Ceramic artist Brian Giniewski produces delightful earthenware vessels that appear to be oozing thick, colorful drips that are frozen in time. The Philadelphia-based ceramicist achieves the texture of the vases and bowls by applying a gritty, matte slip to each piece which contrasts nicely with a special glossy glaze made to melt into drips during the firing process. Giniewski is currently Kickstarting a move into a new studio space and is offering a variety of unique objects. You can see more of his work on Instagram and in his online shop.
In 2001 NASA physicist Robert Lang quit his job to focus on his one true passion: creating original origami designs. With a deep understanding of mathematics and materials, Lang’s folding designs have been incorporated into everything from spacecraft to airbags. His works aren’t limited to functional objects, he’s also produced a wide range of original artworks that have been exhibited around the world. The Great Big Story recently sat down with Lang for this brief interview. (via Uncrate)
We all know that the world can’t get enough LEGO, but if this handy LEGO tape is any indicator, soon we won’t be able to find enough places to put it. Created by Cape Town-based designers Anine Kirsten and Max Basler, Nimuno Loops are a reusable adhesive tape that turns any surface into a base for LEGO projects. Think: walls, glass windows, ceilings, or irregularly shaped objects can all suddenly become a starting point for building with LEGOs. You can also build around corners, or even slap additional components onto the sides of existing LEGO creations. Nimuno Loops are currently funding on Indiegogo and they’ve raised almost $700,000 as of this writing, handily surpassing their goal by 8,575%. (via Designboom, Creators Project, and basically the rest of the entire internet)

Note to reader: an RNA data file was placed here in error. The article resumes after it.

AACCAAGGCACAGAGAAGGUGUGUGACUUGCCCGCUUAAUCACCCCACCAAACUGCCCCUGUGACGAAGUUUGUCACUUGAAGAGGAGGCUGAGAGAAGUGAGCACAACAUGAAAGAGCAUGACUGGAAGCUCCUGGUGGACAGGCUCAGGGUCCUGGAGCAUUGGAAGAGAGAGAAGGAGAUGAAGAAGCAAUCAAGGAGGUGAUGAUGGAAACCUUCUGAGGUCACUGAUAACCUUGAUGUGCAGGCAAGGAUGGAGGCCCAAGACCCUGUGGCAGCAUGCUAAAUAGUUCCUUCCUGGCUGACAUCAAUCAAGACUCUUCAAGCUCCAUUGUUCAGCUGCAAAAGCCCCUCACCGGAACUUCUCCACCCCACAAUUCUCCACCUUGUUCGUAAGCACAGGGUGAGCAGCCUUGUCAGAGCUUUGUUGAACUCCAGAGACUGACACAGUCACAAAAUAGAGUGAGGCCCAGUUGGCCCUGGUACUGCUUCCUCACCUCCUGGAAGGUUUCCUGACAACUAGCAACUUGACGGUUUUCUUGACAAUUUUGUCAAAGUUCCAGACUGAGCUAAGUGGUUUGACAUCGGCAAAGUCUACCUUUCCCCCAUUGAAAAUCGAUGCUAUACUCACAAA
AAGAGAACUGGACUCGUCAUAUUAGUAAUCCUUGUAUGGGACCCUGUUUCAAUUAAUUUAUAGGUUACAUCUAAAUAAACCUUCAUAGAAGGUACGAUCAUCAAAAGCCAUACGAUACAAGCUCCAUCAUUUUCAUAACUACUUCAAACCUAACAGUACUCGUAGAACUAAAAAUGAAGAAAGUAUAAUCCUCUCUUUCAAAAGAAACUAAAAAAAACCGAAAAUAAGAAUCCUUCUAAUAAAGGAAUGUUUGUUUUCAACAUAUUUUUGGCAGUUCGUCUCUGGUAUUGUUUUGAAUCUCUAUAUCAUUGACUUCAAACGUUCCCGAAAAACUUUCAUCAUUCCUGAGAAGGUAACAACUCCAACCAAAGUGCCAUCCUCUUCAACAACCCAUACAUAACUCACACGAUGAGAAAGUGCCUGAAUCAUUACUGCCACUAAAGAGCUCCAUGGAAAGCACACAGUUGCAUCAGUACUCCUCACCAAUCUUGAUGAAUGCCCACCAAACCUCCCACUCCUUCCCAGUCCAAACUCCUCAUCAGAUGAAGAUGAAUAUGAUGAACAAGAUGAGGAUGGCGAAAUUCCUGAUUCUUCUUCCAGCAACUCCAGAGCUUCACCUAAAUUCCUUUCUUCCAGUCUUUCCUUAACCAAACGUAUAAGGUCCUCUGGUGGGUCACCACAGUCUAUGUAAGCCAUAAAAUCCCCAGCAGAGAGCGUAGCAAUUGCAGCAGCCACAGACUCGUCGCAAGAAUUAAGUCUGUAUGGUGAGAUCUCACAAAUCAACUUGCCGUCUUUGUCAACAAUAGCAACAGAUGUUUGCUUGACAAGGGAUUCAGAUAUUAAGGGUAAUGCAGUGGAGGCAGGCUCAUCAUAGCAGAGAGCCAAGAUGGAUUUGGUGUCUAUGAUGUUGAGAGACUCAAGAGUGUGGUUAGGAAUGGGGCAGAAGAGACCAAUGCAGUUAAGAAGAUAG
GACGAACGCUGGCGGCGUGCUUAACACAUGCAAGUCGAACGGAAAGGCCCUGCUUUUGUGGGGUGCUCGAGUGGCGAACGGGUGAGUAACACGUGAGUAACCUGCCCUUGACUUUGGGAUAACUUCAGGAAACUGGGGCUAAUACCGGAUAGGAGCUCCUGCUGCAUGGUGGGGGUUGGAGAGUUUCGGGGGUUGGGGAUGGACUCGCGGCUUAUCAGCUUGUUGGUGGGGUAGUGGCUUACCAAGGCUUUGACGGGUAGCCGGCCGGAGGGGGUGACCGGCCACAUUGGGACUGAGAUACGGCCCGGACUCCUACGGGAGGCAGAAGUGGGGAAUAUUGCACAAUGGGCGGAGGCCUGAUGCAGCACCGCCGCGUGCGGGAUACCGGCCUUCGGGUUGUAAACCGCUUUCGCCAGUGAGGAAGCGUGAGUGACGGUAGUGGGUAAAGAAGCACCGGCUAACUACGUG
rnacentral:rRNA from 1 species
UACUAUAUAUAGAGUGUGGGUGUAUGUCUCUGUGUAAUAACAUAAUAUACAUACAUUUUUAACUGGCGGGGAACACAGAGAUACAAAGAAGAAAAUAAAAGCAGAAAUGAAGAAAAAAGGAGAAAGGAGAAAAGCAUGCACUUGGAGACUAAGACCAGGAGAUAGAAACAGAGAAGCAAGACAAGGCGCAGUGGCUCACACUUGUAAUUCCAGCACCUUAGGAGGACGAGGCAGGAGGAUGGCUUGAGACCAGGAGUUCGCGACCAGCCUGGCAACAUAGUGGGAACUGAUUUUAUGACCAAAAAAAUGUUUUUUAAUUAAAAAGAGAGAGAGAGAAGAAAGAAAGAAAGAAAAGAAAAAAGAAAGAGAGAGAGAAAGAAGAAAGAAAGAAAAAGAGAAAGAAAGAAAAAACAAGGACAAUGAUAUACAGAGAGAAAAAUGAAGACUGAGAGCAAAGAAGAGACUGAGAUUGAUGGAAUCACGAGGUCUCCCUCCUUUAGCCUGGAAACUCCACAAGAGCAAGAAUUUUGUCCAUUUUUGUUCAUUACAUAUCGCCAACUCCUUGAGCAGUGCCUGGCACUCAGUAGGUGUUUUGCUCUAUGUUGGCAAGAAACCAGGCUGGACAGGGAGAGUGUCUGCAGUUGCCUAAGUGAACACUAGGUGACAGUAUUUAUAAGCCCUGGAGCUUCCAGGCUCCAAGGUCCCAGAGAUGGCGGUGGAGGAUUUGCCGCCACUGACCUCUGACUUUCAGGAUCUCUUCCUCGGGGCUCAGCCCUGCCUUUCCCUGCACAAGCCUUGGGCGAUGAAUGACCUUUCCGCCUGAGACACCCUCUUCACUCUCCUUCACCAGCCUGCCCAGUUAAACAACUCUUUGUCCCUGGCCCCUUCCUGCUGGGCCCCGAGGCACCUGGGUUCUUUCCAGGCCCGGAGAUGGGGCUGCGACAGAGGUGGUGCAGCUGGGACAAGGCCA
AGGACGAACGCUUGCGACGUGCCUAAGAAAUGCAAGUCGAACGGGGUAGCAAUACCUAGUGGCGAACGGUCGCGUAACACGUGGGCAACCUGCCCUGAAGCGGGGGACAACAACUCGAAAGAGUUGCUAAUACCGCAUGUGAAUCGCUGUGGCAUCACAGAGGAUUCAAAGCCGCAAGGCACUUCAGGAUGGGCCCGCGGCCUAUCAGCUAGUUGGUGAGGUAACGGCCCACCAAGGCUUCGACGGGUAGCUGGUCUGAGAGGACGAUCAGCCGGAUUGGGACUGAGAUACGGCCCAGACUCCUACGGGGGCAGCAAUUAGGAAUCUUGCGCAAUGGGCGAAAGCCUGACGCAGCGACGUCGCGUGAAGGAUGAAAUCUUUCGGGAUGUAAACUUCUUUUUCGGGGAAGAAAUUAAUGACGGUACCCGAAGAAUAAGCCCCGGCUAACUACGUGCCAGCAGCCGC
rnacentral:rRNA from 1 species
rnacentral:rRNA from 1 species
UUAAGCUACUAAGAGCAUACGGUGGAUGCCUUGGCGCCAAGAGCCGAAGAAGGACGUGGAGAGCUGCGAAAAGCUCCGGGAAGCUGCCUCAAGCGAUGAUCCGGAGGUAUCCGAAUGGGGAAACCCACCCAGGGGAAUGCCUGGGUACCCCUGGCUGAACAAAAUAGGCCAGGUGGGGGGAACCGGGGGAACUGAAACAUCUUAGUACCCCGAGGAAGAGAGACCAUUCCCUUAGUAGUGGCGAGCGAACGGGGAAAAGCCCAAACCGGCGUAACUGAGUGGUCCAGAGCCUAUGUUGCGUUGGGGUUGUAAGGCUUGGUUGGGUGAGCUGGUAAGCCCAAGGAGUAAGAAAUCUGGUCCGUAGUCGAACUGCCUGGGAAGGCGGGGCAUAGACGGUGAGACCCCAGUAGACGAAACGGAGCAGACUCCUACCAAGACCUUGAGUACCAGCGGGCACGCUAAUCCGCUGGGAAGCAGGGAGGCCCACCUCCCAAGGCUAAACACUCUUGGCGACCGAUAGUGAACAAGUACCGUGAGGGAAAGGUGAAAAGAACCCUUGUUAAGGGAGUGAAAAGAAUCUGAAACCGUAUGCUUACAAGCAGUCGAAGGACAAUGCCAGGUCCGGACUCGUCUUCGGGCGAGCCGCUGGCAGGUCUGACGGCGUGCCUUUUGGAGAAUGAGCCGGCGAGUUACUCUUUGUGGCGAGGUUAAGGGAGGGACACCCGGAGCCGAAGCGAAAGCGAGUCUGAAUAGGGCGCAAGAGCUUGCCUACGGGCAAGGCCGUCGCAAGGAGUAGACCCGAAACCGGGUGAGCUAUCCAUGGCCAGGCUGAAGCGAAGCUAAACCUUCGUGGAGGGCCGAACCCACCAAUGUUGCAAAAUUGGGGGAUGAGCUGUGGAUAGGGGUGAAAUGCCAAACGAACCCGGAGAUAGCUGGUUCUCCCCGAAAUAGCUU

A rolling stone gathers no moss as they say, but this collection of stones manipulated by electromechanical devices are capable of performing George Harrison’s “Here Comes the Sun” thanks to artist Neil Mendoza. Titled Rock Band, this kinetic sound art installation is actually four different instruments including a xylophone, a buzzing base, two spinners, and a pair of slappers. Mendoza describes how each device works:
Xylophone: Inside each of the tubes is a small pebble. When the Teensy receives a note for this instrument, it triggers a solenoid (electromagnet), to launch the pebble up a tube and strike a key. For the design of this piece, I wrote a piece of software that calculated the size each key needed to be to produce the appropriate frequency and then cut them out using a water jet cutter.
Bass: This is the small marble circle in the front. When the Teensy receives a note for this one, it causes the plunger of a solenoid (electromagnet) to vibrate at the frequency of the appropriate musical note against the rock.
Spinners: These are the two large objects on either side and are percussive. Inside each of these, there are two magnets attached to each end of a shaft. On the outside, there are two magnetic rocks, Hematite, that are attracted to the magnets on the inside. When a note is received, the shaft spins and one of the rocks is guided away from its magnet and launched through the air. It lands on a piece of marble that has been cut to size to fit in the machine.
Slapper: These slap the rocks with pieces of fake leather and provide some light percussion.
All of the machines were built at Autodesk’s Pier 9 workshop in San Francisco as part of their artist in residence program. You can see more of Mendoza’s mechanical works on his website.
Mexican designer Moisés Hernández brings his distinct flair for minimalism to this new series of avian sculptures titled Immersed Birds. Each piece is a continuous wooden object milled with CNC technology which is then dipped into a carefully considered sequence of watercolors. The overlaying hues mimic the plumage of a toucan, hummingbird, and Mexican quetzal. You can see more of Hernández’s work on Instagram. (via Booooooom)
All photos by Ansis Starks, courtesy Mailitis Architects
Perched on the Songshan mountain in rural Henan, China, this new temple designed by Latvian architecture studio Mailītis Architects brings a whole new perspective to the legendary Shaolin monks: specifically an aerial perspective. The recently completed Shaolin Flying Monks Temple contains a one-of-a-kind levitation pavilion that houses a vertical wind tunnel designed in part by Aerodium that blasts participants toward the sky in the center of a 230-seat amphitheater.
“The concept is to tell the history of Zen and Kung-Fu through artistic performances and architectural image of the building itself,” says Mailītis. “It serves as a metaphor for mountain and trees and was inspired by Songshan mountain – the natural environment for monks to develop their skills.”